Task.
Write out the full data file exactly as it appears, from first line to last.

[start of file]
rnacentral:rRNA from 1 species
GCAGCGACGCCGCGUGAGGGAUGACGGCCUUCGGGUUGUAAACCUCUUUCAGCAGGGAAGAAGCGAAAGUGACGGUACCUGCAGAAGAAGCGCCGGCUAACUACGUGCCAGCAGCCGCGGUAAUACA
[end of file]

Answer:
rnacentral:rRNA from 1 species
GCAGCGACGCCGCGUGAGGGAUGACGGCCUUCGGGUUGUAAACCUCUUUCAGCAGGGAAGAAGCGAAAGUGACGGUACCUGCAGAAGAAGCGCCGGCUAACUACGUGCCAGCAGCCGCGGUAAUACA